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7 Comments

  1. lefalcon

     /  July 20, 2009

    More info is needed. The semantic field of “turburghanay” may embrace both “cousinship” and “enmity.” And that is weird. But how did that weirdness come about?

    One explanation is that a word’s basic meaning can branch out in various — even seemingly-contradictory — directions.

    Example: “To sanction” means “to approve, support,” but “to impose sanctions” means “to punish someone’s ass.” And punishing someone’s ass is the last thing you’d do if you truly approved of what they were doing.

    So it can be imagined [and this is pure imagining, as I have no idea what the real story is] that the word “cousinship” could’ve referred literally, in some contexts, to a specific kinship relation; while, at the same time, could’ve been used more metaphorically in other contexts to emphasize distance in a relation: “Those dudes over there are nothing like our close family members; shit they don’t amount to anything more than *cousins*! The only thing between us and them is just *cousinship*!”

    Thus, *literal* cousinship is understood as a potent tie among blood kin; whereas the metaphorical usage of “cousinship” drifts further and further away. It initially suggests mere casual acquaintance, then grades over into vague contempt … and eventually explodes into fevered, full-blown hostility. At those goddam COUSINS!!!!

    Another scenario would be that the two meanings are so disparate, because two completely historically-separate words merged into one. For example, if, for some reason, English-speakers of the future started to pronounce “medal” as “metal.” Then somebody might assume that soldiers are awarded objects called “metals” [medals], because they are made of metal.

    I would be interested in knowing what the story is with this “turburghanay,” if / when somebody, someplace, figures it out.

  2. lefalcon

     /  July 20, 2009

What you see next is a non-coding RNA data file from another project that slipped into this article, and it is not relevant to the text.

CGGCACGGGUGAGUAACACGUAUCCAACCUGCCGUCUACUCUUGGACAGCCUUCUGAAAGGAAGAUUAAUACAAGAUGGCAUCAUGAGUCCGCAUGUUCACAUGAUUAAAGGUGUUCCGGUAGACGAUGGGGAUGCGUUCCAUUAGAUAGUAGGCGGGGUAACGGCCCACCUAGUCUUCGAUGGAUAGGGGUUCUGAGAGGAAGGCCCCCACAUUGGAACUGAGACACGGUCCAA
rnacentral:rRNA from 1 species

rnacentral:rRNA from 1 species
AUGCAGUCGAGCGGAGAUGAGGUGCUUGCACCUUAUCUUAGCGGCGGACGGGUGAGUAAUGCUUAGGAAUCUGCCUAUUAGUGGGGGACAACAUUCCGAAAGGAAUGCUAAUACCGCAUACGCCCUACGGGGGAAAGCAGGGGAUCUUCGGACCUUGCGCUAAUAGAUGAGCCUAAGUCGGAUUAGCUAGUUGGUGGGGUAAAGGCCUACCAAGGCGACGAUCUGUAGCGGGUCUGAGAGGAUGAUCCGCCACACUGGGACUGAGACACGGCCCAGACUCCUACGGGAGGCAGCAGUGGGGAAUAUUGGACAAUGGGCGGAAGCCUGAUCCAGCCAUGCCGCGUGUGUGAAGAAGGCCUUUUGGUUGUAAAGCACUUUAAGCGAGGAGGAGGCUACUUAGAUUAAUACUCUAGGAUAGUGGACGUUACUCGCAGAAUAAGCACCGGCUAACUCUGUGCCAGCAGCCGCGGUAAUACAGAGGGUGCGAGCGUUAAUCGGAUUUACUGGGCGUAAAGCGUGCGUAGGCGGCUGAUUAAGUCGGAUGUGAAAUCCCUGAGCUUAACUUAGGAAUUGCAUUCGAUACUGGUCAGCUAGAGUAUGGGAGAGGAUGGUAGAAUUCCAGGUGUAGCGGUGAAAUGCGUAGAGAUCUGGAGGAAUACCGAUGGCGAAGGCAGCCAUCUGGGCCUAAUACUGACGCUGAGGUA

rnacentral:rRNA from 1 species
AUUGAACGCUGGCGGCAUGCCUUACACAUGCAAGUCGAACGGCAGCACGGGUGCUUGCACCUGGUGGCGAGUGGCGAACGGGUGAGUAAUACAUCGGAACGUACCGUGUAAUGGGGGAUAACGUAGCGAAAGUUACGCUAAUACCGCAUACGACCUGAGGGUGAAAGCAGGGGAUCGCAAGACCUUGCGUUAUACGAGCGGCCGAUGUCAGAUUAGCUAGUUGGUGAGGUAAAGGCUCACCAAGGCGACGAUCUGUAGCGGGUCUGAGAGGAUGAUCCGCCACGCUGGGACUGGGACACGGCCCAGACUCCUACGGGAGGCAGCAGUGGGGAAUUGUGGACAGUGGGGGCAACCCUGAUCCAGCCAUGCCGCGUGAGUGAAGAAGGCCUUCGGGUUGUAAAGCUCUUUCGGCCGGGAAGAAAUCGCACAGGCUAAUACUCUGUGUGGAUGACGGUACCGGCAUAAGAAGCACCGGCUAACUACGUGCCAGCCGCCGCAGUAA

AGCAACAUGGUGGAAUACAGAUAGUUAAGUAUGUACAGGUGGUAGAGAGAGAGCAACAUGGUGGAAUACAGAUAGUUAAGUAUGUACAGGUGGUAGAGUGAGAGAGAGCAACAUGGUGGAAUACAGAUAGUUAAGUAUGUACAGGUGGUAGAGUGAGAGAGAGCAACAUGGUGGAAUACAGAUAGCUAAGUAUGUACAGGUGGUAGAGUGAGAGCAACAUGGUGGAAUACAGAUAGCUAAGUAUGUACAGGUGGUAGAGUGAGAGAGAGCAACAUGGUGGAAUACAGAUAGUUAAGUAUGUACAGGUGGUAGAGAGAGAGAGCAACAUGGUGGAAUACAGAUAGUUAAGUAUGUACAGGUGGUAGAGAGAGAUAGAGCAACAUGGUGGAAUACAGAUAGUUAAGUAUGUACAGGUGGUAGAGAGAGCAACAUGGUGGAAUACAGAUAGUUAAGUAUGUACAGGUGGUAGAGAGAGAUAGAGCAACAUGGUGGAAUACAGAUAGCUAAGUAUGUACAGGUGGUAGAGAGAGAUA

Also: Here are a couple of weird things I discovered about Arabic that supply interesting illustrations of how one word’s meanings can be going off in different directions:

    Al-xaal xaal means “The maternal uncle is empty.” (Xaal means both “maternal uncle” and “empty.”)

    I think that’s funny.

    Raghiba fi al-bayt means “He desired the house.” But Raghiba <an al-bayt means "He detested the house." (The same verb can mean "to desire" or "to detest" depending on whether the following preposition is fi or <an.)

    I think that's odd.

    Finally, just because those Pashto guys thought there was no possible relation between "cousin" and "hatred" doesn't necessarily mean that no historical relation exists. When people say "Gimme your John Hancock," they could have no idea who the fuck John Hancock was or even that there was an historical personage of that name. Native speakers can give accurate info about how a word / expression is used in the present state of their language; but they can be totally full of shit when they try to talk about etymologies.

    Example: "Phat" < "pretty hot and tempting." That's a totally bogus and ridiculous origin that could not possibly be.

    However, this etymology has been verified: The expression "HOT SHIT" — as in "I believe myself to be h.o.t. s.h.i.t." — derives from the phrase "He's On Time and So Handsome In a Tux."

  3. acilius

     /  July 22, 2009

    There’s more info about “turburghanay” in the Language Log posting.